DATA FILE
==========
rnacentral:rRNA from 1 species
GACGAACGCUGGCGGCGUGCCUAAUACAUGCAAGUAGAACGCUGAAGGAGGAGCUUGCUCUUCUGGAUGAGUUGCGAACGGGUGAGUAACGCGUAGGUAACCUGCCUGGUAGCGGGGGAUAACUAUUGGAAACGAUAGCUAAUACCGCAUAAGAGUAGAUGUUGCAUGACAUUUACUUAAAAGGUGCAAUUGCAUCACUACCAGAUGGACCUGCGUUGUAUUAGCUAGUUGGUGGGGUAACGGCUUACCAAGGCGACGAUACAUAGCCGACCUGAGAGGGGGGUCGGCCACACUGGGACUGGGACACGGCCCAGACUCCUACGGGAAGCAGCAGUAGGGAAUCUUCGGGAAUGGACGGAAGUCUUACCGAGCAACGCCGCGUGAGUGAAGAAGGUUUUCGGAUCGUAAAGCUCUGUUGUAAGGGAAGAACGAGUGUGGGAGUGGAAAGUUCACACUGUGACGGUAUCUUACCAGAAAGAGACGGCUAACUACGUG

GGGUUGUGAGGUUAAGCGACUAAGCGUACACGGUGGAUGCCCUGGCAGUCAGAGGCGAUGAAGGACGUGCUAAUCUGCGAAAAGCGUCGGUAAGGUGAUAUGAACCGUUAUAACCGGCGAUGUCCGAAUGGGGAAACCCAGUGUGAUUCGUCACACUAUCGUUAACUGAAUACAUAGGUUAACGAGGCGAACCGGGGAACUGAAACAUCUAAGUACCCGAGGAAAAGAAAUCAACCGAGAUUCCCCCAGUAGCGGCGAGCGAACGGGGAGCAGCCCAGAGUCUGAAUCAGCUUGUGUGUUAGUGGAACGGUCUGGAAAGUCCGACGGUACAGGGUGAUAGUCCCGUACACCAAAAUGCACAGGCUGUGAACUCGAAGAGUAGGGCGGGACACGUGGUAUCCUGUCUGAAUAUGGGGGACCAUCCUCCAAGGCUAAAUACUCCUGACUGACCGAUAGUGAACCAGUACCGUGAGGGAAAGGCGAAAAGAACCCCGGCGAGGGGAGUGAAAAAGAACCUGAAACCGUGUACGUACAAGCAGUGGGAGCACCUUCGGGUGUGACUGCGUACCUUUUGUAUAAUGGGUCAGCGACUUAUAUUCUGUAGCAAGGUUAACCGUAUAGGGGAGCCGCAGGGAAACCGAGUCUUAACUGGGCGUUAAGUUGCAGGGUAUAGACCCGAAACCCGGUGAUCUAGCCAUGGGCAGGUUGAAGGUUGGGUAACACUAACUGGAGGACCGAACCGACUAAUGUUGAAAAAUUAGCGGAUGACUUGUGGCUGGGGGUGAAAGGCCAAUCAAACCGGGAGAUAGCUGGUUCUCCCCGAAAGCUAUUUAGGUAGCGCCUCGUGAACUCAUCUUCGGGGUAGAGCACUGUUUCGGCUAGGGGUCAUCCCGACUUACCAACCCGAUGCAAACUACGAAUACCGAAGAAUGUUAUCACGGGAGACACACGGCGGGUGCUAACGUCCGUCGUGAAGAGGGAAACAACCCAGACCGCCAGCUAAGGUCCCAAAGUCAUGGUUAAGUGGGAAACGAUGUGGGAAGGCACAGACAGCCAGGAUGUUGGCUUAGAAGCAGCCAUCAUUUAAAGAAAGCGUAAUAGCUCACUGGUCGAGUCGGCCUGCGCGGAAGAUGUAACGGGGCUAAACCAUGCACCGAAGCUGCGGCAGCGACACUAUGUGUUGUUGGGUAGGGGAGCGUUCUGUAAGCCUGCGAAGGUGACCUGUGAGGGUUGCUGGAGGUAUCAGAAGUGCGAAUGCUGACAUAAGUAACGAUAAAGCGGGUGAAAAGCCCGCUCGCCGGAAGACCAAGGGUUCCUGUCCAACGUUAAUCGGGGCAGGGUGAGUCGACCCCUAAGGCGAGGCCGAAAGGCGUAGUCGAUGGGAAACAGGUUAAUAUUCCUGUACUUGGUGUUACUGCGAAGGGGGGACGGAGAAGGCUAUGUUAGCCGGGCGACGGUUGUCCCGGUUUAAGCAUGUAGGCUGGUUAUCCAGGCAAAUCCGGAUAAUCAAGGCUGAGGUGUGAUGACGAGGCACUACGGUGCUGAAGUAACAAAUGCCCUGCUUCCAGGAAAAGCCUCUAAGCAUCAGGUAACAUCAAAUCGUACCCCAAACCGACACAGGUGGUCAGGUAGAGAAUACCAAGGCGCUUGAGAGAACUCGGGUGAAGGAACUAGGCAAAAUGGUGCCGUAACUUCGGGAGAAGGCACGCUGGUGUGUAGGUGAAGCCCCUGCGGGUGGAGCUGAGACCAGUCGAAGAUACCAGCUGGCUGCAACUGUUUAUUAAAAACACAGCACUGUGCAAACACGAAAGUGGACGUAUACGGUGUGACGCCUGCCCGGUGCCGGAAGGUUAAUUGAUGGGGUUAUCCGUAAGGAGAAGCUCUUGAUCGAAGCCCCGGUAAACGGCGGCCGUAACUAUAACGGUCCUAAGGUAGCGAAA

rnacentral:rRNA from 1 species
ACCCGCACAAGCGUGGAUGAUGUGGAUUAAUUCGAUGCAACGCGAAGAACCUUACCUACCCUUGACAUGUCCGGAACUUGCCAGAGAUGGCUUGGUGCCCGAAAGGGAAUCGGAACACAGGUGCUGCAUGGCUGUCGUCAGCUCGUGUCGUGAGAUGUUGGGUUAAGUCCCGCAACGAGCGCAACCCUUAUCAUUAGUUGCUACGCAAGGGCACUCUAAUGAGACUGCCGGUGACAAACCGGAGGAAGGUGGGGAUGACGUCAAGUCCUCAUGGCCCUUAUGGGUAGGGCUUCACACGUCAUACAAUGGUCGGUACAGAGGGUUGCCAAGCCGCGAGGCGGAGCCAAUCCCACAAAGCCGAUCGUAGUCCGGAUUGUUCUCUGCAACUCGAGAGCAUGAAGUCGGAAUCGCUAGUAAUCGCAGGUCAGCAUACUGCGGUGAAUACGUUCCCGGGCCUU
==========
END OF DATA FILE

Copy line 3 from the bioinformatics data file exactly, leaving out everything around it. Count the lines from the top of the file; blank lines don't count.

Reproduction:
GGGUUGUGAGGUUAAGCGACUAAGCGUACACGGUGGAUGCCCUGGCAGUCAGAGGCGAUGAAGGACGUGCUAAUCUGCGAAAAGCGUCGGUAAGGUGAUAUGAACCGUUAUAACCGGCGAUGUCCGAAUGGGGAAACCCAGUGUGAUUCGUCACACUAUCGUUAACUGAAUACAUAGGUUAACGAGGCGAACCGGGGAACUGAAACAUCUAAGUACCCGAGGAAAAGAAAUCAACCGAGAUUCCCCCAGUAGCGGCGAGCGAACGGGGAGCAGCCCAGAGUCUGAAUCAGCUUGUGUGUUAGUGGAACGGUCUGGAAAGUCCGACGGUACAGGGUGAUAGUCCCGUACACCAAAAUGCACAGGCUGUGAACUCGAAGAGUAGGGCGGGACACGUGGUAUCCUGUCUGAAUAUGGGGGACCAUCCUCCAAGGCUAAAUACUCCUGACUGACCGAUAGUGAACCAGUACCGUGAGGGAAAGGCGAAAAGAACCCCGGCGAGGGGAGUGAAAAAGAACCUGAAACCGUGUACGUACAAGCAGUGGGAGCACCUUCGGGUGUGACUGCGUACCUUUUGUAUAAUGGGUCAGCGACUUAUAUUCUGUAGCAAGGUUAACCGUAUAGGGGAGCCGCAGGGAAACCGAGUCUUAACUGGGCGUUAAGUUGCAGGGUAUAGACCCGAAACCCGGUGAUCUAGCCAUGGGCAGGUUGAAGGUUGGGUAACACUAACUGGAGGACCGAACCGACUAAUGUUGAAAAAUUAGCGGAUGACUUGUGGCUGGGGGUGAAAGGCCAAUCAAACCGGGAGAUAGCUGGUUCUCCCCGAAAGCUAUUUAGGUAGCGCCUCGUGAACUCAUCUUCGGGGUAGAGCACUGUUUCGGCUAGGGGUCAUCCCGACUUACCAACCCGAUGCAAACUACGAAUACCGAAGAAUGUUAUCACGGGAGACACACGGCGGGUGCUAACGUCCGUCGUGAAGAGGGAAACAACCCAGACCGCCAGCUAAGGUCCCAAAGUCAUGGUUAAGUGGGAAACGAUGUGGGAAGGCACAGACAGCCAGGAUGUUGGCUUAGAAGCAGCCAUCAUUUAAAGAAAGCGUAAUAGCUCACUGGUCGAGUCGGCCUGCGCGGAAGAUGUAACGGGGCUAAACCAUGCACCGAAGCUGCGGCAGCGACACUAUGUGUUGUUGGGUAGGGGAGCGUUCUGUAAGCCUGCGAAGGUGACCUGUGAGGGUUGCUGGAGGUAUCAGAAGUGCGAAUGCUGACAUAAGUAACGAUAAAGCGGGUGAAAAGCCCGCUCGCCGGAAGACCAAGGGUUCCUGUCCAACGUUAAUCGGGGCAGGGUGAGUCGACCCCUAAGGCGAGGCCGAAAGGCGUAGUCGAUGGGAAACAGGUUAAUAUUCCUGUACUUGGUGUUACUGCGAAGGGGGGACGGAGAAGGCUAUGUUAGCCGGGCGACGGUUGUCCCGGUUUAAGCAUGUAGGCUGGUUAUCCAGGCAAAUCCGGAUAAUCAAGGCUGAGGUGUGAUGACGAGGCACUACGGUGCUGAAGUAACAAAUGCCCUGCUUCCAGGAAAAGCCUCUAAGCAUCAGGUAACAUCAAAUCGUACCCCAAACCGACACAGGUGGUCAGGUAGAGAAUACCAAGGCGCUUGAGAGAACUCGGGUGAAGGAACUAGGCAAAAUGGUGCCGUAACUUCGGGAGAAGGCACGCUGGUGUGUAGGUGAAGCCCCUGCGGGUGGAGCUGAGACCAGUCGAAGAUACCAGCUGGCUGCAACUGUUUAUUAAAAACACAGCACUGUGCAAACACGAAAGUGGACGUAUACGGUGUGACGCCUGCCCGGUGCCGGAAGGUUAAUUGAUGGGGUUAUCCGUAAGGAGAAGCUCUUGAUCGAAGCCCCGGUAAACGGCGGCCGUAACUAUAACGGUCCUAAGGUAGCGAAA